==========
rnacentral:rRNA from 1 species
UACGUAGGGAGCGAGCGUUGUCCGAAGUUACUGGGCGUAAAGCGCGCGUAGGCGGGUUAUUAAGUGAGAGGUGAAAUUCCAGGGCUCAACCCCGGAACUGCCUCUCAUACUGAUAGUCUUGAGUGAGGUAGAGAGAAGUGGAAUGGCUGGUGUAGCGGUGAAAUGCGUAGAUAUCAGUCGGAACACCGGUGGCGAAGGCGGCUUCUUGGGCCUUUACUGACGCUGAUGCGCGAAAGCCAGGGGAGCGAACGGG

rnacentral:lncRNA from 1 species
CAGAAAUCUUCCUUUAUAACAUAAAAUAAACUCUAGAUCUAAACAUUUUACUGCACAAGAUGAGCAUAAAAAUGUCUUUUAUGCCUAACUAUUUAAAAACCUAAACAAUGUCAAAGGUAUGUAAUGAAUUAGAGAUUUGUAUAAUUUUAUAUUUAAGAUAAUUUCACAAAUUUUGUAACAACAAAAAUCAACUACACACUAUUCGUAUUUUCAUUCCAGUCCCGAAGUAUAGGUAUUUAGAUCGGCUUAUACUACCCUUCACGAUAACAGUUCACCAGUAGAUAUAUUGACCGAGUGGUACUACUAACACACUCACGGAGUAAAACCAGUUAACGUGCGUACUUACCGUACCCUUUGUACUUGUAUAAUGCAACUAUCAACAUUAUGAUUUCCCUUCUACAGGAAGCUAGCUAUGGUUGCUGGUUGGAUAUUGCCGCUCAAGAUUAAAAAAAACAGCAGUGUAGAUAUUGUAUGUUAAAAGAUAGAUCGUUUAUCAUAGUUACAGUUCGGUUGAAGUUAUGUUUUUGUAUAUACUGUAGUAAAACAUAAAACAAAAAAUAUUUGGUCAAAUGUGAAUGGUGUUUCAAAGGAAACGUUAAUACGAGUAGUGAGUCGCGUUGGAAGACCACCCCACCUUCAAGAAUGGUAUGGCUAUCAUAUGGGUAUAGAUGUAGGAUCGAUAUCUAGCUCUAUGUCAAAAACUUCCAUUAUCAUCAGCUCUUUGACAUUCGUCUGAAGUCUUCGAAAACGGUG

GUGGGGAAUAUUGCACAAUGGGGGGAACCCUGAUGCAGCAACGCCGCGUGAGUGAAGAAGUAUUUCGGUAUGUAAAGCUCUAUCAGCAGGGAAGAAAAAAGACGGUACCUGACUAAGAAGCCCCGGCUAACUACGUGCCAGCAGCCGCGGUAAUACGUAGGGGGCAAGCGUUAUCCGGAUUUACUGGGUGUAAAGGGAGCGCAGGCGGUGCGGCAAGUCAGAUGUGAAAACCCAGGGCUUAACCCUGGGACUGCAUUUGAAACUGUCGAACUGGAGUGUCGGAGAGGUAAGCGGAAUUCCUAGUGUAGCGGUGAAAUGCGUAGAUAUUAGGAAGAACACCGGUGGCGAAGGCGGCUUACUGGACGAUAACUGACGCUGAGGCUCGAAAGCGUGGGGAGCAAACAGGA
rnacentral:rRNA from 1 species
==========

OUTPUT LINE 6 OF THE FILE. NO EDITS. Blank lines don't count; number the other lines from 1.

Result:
rnacentral:rRNA from 1 species